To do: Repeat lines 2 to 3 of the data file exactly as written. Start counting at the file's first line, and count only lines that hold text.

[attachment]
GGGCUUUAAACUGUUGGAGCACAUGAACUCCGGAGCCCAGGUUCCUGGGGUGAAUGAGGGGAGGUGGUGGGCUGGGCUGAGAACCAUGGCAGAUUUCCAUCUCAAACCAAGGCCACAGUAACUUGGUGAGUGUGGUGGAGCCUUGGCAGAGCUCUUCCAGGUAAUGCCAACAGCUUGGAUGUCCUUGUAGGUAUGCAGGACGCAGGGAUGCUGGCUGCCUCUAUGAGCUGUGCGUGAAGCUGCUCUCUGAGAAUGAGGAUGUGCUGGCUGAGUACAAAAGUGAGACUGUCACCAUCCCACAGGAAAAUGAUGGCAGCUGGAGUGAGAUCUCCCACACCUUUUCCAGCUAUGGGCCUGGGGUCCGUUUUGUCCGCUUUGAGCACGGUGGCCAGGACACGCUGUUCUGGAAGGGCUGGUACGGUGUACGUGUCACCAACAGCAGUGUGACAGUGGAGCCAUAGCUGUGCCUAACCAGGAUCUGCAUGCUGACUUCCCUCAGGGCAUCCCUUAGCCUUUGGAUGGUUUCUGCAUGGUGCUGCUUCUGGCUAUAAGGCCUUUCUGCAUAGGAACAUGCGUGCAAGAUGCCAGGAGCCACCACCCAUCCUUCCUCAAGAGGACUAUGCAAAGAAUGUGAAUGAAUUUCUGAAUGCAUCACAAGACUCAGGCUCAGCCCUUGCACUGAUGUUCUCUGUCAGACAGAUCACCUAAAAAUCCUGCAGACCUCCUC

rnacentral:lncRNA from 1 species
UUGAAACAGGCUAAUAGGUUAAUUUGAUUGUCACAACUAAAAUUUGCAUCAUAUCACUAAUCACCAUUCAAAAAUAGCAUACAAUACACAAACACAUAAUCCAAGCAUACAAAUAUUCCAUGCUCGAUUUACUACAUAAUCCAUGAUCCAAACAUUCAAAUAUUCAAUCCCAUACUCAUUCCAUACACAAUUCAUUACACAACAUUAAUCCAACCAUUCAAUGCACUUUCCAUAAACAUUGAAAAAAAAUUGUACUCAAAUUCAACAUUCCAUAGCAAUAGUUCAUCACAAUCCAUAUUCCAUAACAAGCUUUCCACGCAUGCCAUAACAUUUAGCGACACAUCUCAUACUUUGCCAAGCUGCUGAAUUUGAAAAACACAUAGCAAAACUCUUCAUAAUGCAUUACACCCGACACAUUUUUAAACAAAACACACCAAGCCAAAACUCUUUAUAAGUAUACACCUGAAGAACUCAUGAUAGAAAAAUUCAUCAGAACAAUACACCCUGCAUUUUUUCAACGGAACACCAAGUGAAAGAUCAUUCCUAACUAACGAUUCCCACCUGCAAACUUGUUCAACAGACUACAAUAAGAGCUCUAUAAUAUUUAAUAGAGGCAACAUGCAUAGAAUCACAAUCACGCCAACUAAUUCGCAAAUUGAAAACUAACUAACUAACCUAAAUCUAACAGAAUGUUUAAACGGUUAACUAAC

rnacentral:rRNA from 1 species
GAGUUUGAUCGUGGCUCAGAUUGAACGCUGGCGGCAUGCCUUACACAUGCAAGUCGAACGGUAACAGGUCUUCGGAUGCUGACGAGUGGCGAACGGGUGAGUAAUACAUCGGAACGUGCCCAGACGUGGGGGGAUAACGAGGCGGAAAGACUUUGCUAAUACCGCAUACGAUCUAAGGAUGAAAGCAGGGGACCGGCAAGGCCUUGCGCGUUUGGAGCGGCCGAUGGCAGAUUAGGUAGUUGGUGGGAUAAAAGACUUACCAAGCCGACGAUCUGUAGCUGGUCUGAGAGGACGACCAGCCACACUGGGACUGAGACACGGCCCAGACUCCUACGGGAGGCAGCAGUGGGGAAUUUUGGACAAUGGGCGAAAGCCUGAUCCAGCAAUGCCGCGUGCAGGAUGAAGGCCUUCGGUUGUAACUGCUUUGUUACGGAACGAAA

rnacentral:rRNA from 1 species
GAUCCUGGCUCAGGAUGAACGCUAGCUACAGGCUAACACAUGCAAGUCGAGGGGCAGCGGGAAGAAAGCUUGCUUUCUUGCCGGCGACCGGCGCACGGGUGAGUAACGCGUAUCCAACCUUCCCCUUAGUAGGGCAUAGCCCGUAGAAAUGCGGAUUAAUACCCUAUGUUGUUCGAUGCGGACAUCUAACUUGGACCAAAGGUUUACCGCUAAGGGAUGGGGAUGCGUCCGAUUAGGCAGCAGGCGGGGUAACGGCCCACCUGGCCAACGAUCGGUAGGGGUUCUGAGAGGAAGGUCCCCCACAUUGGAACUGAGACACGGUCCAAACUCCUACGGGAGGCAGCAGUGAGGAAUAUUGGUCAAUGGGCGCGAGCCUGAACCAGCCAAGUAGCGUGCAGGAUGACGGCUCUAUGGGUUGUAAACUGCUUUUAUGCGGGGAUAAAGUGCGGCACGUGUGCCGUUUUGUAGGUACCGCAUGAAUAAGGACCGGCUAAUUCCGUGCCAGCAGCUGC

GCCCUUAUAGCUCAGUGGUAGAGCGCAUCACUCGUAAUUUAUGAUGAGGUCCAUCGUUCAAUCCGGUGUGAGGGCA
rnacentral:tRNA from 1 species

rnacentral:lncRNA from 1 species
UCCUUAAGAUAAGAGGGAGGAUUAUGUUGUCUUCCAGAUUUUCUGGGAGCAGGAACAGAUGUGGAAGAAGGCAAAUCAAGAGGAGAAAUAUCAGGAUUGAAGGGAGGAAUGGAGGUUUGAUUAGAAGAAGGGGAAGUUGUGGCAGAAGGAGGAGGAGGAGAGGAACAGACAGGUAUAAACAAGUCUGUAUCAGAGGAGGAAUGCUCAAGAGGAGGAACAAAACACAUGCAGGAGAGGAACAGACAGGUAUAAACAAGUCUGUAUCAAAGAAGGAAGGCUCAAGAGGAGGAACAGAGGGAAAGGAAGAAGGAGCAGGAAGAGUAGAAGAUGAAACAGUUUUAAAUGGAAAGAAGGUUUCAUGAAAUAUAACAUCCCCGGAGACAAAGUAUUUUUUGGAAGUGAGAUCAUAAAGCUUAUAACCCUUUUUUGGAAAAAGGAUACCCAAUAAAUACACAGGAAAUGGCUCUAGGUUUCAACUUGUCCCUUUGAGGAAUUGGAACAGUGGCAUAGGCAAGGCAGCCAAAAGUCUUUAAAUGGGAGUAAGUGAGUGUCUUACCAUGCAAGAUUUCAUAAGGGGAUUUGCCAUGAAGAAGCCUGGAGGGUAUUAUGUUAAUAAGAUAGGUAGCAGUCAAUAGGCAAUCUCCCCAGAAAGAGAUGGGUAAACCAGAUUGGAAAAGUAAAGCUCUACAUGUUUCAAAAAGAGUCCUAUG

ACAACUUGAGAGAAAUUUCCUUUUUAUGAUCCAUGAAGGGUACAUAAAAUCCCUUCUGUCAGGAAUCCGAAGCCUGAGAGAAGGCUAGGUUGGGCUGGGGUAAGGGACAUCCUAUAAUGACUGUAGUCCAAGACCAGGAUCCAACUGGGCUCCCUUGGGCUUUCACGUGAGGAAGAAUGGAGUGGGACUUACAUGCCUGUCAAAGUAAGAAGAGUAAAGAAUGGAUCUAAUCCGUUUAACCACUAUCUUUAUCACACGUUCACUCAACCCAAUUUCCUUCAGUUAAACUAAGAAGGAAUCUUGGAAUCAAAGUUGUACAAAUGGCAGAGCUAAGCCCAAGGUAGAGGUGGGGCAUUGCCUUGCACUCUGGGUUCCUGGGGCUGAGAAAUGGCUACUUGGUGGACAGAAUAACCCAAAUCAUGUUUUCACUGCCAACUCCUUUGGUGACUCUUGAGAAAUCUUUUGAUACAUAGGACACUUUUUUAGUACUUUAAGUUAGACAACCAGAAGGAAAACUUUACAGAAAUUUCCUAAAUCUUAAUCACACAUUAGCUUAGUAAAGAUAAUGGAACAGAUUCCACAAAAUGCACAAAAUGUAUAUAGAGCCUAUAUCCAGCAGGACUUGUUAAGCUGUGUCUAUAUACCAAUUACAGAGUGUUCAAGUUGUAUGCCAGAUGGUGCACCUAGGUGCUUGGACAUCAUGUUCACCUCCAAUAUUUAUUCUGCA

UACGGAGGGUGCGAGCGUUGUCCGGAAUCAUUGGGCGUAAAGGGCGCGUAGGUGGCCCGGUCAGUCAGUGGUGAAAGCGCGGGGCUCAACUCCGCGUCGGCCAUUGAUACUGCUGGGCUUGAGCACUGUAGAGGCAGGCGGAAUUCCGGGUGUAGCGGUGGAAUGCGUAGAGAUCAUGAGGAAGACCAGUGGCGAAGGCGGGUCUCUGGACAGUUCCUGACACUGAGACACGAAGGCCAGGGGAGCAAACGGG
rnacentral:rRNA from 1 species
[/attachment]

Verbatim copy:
rnacentral:lncRNA from 1 species
UUGAAACAGGCUAAUAGGUUAAUUUGAUUGUCACAACUAAAAUUUGCAUCAUAUCACUAAUCACCAUUCAAAAAUAGCAUACAAUACACAAACACAUAAUCCAAGCAUACAAAUAUUCCAUGCUCGAUUUACUACAUAAUCCAUGAUCCAAACAUUCAAAUAUUCAAUCCCAUACUCAUUCCAUACACAAUUCAUUACACAACAUUAAUCCAACCAUUCAAUGCACUUUCCAUAAACAUUGAAAAAAAAUUGUACUCAAAUUCAACAUUCCAUAGCAAUAGUUCAUCACAAUCCAUAUUCCAUAACAAGCUUUCCACGCAUGCCAUAACAUUUAGCGACACAUCUCAUACUUUGCCAAGCUGCUGAAUUUGAAAAACACAUAGCAAAACUCUUCAUAAUGCAUUACACCCGACACAUUUUUAAACAAAACACACCAAGCCAAAACUCUUUAUAAGUAUACACCUGAAGAACUCAUGAUAGAAAAAUUCAUCAGAACAAUACACCCUGCAUUUUUUCAACGGAACACCAAGUGAAAGAUCAUUCCUAACUAACGAUUCCCACCUGCAAACUUGUUCAACAGACUACAAUAAGAGCUCUAUAAUAUUUAAUAGAGGCAACAUGCAUAGAAUCACAAUCACGCCAACUAAUUCGCAAAUUGAAAACUAACUAACUAACCUAAAUCUAACAGAAUGUUUAAACGGUUAACUAAC